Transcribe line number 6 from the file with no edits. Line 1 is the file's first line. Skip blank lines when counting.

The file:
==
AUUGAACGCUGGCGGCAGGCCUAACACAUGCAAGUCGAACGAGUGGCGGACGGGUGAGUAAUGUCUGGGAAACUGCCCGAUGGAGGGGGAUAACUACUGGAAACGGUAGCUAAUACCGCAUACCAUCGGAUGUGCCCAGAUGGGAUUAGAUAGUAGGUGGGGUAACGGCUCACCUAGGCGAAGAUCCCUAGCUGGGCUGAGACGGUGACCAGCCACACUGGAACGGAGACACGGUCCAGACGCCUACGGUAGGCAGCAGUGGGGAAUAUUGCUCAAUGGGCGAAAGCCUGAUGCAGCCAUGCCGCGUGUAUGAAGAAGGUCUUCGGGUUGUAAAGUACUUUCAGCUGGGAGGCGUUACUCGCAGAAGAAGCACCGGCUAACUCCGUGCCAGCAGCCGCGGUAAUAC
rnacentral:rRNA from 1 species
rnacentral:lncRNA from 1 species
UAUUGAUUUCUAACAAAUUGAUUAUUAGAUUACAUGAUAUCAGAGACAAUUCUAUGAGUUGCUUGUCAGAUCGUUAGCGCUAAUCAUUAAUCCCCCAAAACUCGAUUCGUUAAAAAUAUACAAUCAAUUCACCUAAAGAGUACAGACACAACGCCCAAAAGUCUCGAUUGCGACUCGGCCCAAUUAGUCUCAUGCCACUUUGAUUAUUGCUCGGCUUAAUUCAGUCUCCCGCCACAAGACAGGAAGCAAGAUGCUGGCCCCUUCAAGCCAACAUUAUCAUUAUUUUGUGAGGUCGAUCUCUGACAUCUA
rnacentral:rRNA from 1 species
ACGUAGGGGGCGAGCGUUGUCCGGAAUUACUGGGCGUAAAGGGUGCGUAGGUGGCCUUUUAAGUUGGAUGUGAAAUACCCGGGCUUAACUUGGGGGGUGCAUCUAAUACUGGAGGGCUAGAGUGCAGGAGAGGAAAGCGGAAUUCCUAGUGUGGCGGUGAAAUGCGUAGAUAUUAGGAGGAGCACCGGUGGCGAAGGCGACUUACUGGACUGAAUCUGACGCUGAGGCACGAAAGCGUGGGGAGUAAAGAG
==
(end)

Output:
ACGUAGGGGGCGAGCGUUGUCCGGAAUUACUGGGCGUAAAGGGUGCGUAGGUGGCCUUUUAAGUUGGAUGUGAAAUACCCGGGCUUAACUUGGGGGGUGCAUCUAAUACUGGAGGGCUAGAGUGCAGGAGAGGAAAGCGGAAUUCCUAGUGUGGCGGUGAAAUGCGUAGAUAUUAGGAGGAGCACCGGUGGCGAAGGCGACUUACUGGACUGAAUCUGACGCUGAGGCACGAAAGCGUGGGGAGUAAAGAG